It is extremely important to understand that a small group of colonizers (a thousand Englishmen) cannot control a population of millions of natives, without their consent. This consent – the agreement of slaves to willingly be enslaved, is created by two powerful weapons. One is an educational system which teaches the superiority of the West, and the inferiority of the East. This system was put in place by Lord Macaulay, and continues to function in the same way to this day. This educational system creates a Coconut Class (Brown on the outside, White on the inside) “a class who may be interpreters between us and the millions whom we govern,  –a class of persons Indian in blood and colour, but English in tastes, in opinions, in morals and in intellect.” In return for power, wealth, and special privileges granted to them by the European ruling class, the Coconut Class betrayed the interests of their own people by acting on behalf of the imperialists.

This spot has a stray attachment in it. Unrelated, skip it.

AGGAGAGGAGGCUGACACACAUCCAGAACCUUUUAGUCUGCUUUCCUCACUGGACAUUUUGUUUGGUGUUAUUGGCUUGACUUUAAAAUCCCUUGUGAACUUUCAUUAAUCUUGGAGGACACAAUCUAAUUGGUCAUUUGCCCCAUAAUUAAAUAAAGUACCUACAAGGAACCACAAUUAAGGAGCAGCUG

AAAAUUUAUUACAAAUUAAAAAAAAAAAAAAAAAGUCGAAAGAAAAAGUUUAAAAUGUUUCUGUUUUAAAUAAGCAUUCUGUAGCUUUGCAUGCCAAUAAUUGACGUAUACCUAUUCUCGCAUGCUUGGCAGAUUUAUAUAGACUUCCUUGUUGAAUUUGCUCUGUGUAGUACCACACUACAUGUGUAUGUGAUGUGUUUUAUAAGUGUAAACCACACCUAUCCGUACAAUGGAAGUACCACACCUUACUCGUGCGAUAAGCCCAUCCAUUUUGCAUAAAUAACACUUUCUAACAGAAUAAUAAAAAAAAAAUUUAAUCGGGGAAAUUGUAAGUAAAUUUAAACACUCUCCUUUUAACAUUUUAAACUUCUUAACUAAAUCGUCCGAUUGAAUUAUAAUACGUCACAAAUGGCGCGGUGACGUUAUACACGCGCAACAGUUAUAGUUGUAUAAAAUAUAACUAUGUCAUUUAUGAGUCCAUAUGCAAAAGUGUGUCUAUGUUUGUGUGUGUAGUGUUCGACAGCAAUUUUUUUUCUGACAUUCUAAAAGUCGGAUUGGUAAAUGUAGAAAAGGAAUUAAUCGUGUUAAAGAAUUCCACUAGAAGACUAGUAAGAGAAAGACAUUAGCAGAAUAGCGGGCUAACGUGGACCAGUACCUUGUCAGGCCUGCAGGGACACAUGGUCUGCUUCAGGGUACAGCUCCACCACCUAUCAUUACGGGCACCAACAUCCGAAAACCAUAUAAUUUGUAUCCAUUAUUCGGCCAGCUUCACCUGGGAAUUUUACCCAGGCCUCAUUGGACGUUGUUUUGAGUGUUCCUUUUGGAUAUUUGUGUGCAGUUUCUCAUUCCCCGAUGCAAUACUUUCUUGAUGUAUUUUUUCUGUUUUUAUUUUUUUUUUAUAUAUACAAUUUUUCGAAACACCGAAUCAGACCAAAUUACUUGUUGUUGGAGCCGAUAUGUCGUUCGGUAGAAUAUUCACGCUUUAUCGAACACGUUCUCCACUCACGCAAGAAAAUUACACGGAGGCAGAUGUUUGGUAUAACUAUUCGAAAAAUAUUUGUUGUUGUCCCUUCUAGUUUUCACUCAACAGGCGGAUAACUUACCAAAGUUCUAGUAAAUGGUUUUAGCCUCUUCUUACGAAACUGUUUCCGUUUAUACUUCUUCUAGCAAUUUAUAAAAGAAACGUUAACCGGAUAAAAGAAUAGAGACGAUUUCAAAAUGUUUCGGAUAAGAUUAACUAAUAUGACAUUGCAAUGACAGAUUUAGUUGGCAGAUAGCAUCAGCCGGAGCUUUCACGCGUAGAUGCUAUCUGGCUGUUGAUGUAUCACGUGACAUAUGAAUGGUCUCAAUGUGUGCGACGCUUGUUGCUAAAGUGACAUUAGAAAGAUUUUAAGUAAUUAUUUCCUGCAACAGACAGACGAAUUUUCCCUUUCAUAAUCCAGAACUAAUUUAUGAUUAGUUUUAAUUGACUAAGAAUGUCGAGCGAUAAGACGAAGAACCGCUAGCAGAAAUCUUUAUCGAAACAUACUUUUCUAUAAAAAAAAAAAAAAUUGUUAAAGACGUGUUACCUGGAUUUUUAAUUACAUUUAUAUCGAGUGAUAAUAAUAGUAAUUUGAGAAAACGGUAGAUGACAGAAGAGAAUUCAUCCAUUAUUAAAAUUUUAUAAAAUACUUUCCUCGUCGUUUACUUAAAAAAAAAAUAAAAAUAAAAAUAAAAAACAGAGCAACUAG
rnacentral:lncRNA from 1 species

Psychological Warfare

Machiavelli revolutionized political theory in Europe when he argued the power was best maintained by creating fear, by ruthlessly crushing the spirit of the enemies, so that they would not even think of rebellion. This is the doctrine of shock-and-awe that has been used in invasions of Iraq, Afghanistan, Libya, and many other countries. The colonization of the globe by Europe was accompanied by psychological warfare designed to crush the spirit of the colonized, so they would not even think of revolting. The scars of this brutal treatment are with us today, in the form of a defeated mentality, which cannot think of challenging the narratives of the superiority of the European civilization and intellect.